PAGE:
Stigma and Social Exclusion in Healthcare

Stigma and Social Exclusion in Healthcare

Stigma and Social Exclusion in Healthcare

Stigma and Social Exclusion in Healthcare

Synopsis

Revealing the hidden strategies used by health sector professionals to prevent access by those considered unsuitable, this study exposes prejudices aimed at HIV sufferers, pregnant teenagers, people with disabilities and the elderly inter alios.

Excerpt

In undertaking this current editorial work we have been motivated by two dominant themes. The first concerns a micro-level aspect which involves the many individuals that have been, are now, and will be in the future both excluded and marginalised. The second concerns the macro political forces that have been exercised to create the conditions that have led to the exclusion, or inclusion, of individual members of society.

Most healthcare workers enter their respective professions with the intention of assisting those who are unfortunate enough to require their services. This motivation is usually grounded in compassion, and driven by a desire to care for those afflicted. Although we cannot guarantee that this is the basis of all healthcare delivery, as the infamous cases of Beverly Allit and Harold Shipman testify, we can feel reasonably confident that the majority of professionals operate with the best interests of the patient in mind. It may, therefore, seem odd that a major part of this book is concerned with how healthcare workers may contribute to the stigmatisation and social exclusion of those they intend to help. The processes by which this occurs are often subconsciously derived and we are not overtly aware that we are contributing to this unwanted condition. Furthermore, the hierarchical nature of healthcare professions and services provides fertile ground in which we may well stigmatise and exclude fellow workers, intentionally or unintentionally. If we wish to change this state of affairs, then we need to be aware of how these processes operate and how we can begin to change professional practice.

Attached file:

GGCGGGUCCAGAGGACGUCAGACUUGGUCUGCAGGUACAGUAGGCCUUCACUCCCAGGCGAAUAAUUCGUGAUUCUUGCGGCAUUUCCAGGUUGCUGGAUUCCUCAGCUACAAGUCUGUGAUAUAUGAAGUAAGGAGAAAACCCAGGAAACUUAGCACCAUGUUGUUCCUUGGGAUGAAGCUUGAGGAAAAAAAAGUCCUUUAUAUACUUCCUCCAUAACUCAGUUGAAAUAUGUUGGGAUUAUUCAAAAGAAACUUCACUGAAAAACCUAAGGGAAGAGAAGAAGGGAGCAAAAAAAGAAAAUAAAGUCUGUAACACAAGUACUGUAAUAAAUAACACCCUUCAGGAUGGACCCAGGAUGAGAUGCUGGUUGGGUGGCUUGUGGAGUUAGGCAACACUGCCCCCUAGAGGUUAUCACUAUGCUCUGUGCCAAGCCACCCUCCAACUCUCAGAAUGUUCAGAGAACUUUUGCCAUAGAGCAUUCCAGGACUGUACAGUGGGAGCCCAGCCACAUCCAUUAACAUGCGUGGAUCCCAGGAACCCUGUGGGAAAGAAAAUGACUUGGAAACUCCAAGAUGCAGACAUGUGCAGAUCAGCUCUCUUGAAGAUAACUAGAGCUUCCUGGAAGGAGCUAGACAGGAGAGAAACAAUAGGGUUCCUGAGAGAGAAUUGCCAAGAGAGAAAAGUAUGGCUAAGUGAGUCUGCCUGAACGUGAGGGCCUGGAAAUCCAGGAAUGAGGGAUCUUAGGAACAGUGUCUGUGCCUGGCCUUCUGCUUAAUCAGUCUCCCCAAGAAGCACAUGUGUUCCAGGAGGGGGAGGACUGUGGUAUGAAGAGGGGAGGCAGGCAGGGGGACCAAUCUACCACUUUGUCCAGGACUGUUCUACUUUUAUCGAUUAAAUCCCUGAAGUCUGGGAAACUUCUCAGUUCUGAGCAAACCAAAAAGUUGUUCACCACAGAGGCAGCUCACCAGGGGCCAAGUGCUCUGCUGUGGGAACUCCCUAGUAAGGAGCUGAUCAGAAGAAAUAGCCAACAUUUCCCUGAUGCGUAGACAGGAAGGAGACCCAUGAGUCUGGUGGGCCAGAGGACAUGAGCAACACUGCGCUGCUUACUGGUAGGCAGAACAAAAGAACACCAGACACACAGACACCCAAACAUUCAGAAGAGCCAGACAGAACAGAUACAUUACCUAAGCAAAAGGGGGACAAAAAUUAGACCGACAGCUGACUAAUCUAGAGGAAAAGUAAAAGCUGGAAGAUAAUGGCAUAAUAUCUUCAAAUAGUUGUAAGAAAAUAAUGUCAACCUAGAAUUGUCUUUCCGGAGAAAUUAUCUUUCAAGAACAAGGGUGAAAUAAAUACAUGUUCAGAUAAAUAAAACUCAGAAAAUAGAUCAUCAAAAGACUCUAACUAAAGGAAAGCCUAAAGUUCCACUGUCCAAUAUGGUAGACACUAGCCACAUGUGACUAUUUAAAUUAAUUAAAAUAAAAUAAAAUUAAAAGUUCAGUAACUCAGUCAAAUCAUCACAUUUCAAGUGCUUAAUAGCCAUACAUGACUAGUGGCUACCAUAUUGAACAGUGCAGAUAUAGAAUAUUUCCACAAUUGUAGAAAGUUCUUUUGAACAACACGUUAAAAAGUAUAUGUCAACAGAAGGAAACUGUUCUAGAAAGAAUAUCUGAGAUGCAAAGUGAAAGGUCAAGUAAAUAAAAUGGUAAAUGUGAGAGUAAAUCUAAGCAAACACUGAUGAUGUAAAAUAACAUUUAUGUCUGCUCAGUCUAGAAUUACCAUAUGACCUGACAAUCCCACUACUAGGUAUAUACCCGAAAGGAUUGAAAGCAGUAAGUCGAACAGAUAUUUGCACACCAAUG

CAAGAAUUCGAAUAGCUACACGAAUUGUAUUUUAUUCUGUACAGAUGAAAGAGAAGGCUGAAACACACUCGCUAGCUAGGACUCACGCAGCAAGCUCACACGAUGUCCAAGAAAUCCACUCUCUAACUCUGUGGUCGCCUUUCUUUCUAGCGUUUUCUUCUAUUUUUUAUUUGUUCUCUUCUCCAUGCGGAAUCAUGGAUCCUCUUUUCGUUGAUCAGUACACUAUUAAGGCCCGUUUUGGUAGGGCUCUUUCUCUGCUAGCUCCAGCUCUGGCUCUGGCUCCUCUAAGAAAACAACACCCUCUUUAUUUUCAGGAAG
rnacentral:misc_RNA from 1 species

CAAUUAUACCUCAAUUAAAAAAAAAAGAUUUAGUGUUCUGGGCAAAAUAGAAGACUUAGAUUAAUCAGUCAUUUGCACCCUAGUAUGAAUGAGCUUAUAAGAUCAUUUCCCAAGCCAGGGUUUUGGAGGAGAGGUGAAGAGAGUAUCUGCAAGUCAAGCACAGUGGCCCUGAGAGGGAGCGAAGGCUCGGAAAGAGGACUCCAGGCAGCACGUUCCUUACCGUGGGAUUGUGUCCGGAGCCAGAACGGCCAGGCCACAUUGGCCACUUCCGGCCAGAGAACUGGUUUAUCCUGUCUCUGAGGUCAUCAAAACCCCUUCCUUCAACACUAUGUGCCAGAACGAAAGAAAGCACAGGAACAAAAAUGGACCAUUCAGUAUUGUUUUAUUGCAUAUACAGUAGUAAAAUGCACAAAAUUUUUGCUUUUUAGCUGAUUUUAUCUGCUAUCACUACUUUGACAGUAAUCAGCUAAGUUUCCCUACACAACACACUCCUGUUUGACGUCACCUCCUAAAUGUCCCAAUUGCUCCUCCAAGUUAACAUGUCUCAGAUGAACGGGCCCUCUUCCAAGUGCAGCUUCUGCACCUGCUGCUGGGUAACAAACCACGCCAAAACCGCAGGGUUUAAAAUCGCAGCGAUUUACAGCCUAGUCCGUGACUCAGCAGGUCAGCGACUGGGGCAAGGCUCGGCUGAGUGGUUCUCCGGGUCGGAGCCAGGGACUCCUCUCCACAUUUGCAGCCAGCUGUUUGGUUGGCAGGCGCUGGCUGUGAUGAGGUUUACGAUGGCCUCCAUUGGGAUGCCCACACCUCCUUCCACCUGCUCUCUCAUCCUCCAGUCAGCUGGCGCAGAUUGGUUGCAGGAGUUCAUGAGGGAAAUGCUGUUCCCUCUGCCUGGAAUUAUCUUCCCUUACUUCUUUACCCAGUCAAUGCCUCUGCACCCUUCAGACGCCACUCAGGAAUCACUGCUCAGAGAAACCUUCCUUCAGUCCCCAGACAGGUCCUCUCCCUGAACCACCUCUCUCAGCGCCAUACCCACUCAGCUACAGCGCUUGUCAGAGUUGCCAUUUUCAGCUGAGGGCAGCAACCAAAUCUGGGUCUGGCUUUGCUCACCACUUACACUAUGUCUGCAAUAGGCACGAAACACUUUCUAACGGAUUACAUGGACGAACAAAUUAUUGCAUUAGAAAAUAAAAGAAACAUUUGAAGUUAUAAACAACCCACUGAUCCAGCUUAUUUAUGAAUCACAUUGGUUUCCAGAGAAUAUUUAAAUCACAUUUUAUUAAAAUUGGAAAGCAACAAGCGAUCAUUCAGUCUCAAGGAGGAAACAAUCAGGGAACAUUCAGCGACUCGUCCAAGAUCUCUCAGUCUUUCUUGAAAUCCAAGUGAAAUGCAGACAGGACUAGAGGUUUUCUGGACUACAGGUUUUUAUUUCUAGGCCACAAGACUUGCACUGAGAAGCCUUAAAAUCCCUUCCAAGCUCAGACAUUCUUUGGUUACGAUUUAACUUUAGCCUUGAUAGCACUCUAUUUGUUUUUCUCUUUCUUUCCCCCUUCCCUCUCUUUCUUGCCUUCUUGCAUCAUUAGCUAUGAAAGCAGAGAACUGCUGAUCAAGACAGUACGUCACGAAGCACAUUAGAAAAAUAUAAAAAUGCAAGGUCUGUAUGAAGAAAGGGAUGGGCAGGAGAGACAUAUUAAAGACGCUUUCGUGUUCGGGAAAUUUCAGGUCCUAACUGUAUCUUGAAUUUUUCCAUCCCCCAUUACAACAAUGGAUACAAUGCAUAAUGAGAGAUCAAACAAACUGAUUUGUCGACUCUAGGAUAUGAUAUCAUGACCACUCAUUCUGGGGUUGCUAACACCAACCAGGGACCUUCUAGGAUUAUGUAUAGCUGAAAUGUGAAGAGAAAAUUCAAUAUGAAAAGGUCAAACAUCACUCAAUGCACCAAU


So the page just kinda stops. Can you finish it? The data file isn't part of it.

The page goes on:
There is a call from many groups within society to re-examine the conditions that have led certain members to become socially excluded. These groups include those involved in education, those concerned with charitable organisations, those from ethnic minorities, those from various churches, and those from politics. We would like this book to be read as a text which joins this chorus, but which focuses on those stigmatised and excluded in the healthcare setting. Furthermore, we would feel that a major aim of the book would be achieved if healthcare professionals were enthused to voice, even louder than they already do, their concerns regarding the marginalised patient. The reasons for the concerns of all the

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